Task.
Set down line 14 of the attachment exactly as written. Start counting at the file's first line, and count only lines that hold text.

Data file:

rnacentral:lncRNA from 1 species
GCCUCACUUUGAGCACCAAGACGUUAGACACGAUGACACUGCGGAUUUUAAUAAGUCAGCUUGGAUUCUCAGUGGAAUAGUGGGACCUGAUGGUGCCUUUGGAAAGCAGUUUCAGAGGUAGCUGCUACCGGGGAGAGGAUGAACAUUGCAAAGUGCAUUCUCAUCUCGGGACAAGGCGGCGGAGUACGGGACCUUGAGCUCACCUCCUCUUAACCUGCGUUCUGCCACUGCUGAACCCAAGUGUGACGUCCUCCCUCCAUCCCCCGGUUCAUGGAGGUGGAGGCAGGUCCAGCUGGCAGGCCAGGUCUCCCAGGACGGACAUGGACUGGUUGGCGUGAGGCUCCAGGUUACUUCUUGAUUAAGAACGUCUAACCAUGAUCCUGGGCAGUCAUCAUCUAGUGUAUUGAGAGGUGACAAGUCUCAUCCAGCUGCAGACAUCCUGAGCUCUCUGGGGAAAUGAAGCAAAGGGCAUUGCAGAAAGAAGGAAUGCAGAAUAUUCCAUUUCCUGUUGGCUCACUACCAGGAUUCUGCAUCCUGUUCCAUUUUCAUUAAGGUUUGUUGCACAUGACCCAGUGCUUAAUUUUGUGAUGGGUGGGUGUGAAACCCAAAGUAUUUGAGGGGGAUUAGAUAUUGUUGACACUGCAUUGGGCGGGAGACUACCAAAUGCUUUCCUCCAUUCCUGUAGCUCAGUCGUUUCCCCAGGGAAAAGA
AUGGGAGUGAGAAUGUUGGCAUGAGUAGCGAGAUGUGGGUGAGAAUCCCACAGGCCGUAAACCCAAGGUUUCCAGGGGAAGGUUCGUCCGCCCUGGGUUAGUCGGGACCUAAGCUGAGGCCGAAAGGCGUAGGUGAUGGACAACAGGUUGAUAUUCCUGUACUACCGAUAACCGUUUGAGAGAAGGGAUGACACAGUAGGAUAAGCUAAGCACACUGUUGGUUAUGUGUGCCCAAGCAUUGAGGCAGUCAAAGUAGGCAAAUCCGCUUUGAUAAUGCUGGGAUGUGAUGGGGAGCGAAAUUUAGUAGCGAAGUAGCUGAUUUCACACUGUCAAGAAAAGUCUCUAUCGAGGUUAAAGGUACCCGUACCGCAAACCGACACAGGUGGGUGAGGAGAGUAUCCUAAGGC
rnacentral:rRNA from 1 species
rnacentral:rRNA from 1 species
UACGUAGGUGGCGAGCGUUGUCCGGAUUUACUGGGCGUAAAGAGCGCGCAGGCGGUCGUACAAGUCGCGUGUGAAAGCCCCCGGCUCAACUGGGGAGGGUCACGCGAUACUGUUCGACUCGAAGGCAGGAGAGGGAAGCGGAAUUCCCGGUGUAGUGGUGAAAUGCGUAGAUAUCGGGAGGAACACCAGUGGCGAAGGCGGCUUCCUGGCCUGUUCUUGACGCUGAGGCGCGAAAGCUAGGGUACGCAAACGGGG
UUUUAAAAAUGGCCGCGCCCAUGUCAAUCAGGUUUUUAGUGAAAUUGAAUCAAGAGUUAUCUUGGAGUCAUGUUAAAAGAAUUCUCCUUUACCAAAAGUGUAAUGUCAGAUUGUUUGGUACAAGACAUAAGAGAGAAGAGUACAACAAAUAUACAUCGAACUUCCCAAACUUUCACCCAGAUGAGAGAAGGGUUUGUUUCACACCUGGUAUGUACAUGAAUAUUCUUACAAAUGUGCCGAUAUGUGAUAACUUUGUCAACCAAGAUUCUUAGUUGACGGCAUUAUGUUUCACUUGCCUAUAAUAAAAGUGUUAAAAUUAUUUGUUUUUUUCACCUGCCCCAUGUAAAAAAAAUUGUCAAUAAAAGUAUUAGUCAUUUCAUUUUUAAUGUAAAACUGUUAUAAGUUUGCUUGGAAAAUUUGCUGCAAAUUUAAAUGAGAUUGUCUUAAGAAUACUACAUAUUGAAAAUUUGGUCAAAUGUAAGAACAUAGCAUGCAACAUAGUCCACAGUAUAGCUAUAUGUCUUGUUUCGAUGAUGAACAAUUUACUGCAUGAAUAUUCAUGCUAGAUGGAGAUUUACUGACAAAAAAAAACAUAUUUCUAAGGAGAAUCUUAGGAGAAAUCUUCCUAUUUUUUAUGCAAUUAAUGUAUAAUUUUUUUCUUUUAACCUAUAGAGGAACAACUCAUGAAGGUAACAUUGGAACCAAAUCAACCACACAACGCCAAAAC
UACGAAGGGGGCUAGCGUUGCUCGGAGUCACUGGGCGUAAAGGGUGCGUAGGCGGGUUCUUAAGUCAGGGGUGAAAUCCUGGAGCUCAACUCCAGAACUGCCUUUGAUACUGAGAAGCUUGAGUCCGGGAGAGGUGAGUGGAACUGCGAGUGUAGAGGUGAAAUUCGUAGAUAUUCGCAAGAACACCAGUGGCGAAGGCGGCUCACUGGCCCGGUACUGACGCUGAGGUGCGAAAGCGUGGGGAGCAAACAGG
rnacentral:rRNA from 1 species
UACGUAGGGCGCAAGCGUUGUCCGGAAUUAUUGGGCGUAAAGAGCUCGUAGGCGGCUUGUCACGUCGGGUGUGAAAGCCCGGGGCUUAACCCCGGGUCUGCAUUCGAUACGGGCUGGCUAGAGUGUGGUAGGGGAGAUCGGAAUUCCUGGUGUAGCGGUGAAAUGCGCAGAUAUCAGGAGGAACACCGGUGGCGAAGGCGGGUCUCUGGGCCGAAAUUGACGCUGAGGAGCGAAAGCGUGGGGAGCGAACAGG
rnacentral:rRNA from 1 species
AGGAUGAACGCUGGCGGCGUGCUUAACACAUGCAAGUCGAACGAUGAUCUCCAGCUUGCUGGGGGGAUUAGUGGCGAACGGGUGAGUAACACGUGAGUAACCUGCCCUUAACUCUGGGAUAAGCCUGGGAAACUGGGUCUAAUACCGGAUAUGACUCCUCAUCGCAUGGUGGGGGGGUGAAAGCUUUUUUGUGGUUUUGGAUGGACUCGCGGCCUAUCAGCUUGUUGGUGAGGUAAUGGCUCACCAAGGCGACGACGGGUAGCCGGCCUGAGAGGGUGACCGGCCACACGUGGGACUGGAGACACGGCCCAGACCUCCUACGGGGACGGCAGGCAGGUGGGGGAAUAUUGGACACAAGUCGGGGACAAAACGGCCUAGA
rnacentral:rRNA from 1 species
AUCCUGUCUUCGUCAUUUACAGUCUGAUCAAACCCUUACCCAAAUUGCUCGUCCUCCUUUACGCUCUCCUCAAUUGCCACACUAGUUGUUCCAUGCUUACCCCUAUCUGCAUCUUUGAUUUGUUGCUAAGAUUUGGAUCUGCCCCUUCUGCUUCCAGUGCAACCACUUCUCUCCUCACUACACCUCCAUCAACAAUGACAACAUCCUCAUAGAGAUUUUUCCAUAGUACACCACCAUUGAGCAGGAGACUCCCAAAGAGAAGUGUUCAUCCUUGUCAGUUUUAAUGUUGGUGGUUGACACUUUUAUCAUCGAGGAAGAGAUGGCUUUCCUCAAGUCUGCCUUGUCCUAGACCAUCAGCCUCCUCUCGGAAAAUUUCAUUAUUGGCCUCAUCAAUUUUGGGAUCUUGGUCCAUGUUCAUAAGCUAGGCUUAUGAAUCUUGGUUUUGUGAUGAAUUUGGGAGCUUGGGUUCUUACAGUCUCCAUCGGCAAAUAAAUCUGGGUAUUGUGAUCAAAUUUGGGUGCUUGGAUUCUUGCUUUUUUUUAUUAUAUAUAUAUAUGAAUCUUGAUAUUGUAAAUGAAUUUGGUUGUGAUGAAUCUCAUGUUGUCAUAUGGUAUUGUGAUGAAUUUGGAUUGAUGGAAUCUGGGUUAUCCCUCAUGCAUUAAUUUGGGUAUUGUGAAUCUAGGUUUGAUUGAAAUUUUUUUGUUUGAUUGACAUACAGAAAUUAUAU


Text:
AUCCUGUCUUCGUCAUUUACAGUCUGAUCAAACCCUUACCCAAAUUGCUCGUCCUCCUUUACGCUCUCCUCAAUUGCCACACUAGUUGUUCCAUGCUUACCCCUAUCUGCAUCUUUGAUUUGUUGCUAAGAUUUGGAUCUGCCCCUUCUGCUUCCAGUGCAACCACUUCUCUCCUCACUACACCUCCAUCAACAAUGACAACAUCCUCAUAGAGAUUUUUCCAUAGUACACCACCAUUGAGCAGGAGACUCCCAAAGAGAAGUGUUCAUCCUUGUCAGUUUUAAUGUUGGUGGUUGACACUUUUAUCAUCGAGGAAGAGAUGGCUUUCCUCAAGUCUGCCUUGUCCUAGACCAUCAGCCUCCUCUCGGAAAAUUUCAUUAUUGGCCUCAUCAAUUUUGGGAUCUUGGUCCAUGUUCAUAAGCUAGGCUUAUGAAUCUUGGUUUUGUGAUGAAUUUGGGAGCUUGGGUUCUUACAGUCUCCAUCGGCAAAUAAAUCUGGGUAUUGUGAUCAAAUUUGGGUGCUUGGAUUCUUGCUUUUUUUUAUUAUAUAUAUAUAUGAAUCUUGAUAUUGUAAAUGAAUUUGGUUGUGAUGAAUCUCAUGUUGUCAUAUGGUAUUGUGAUGAAUUUGGAUUGAUGGAAUCUGGGUUAUCCCUCAUGCAUUAAUUUGGGUAUUGUGAAUCUAGGUUUGAUUGAAAUUUUUUUGUUUGAUUGACAUACAGAAAUUAUAU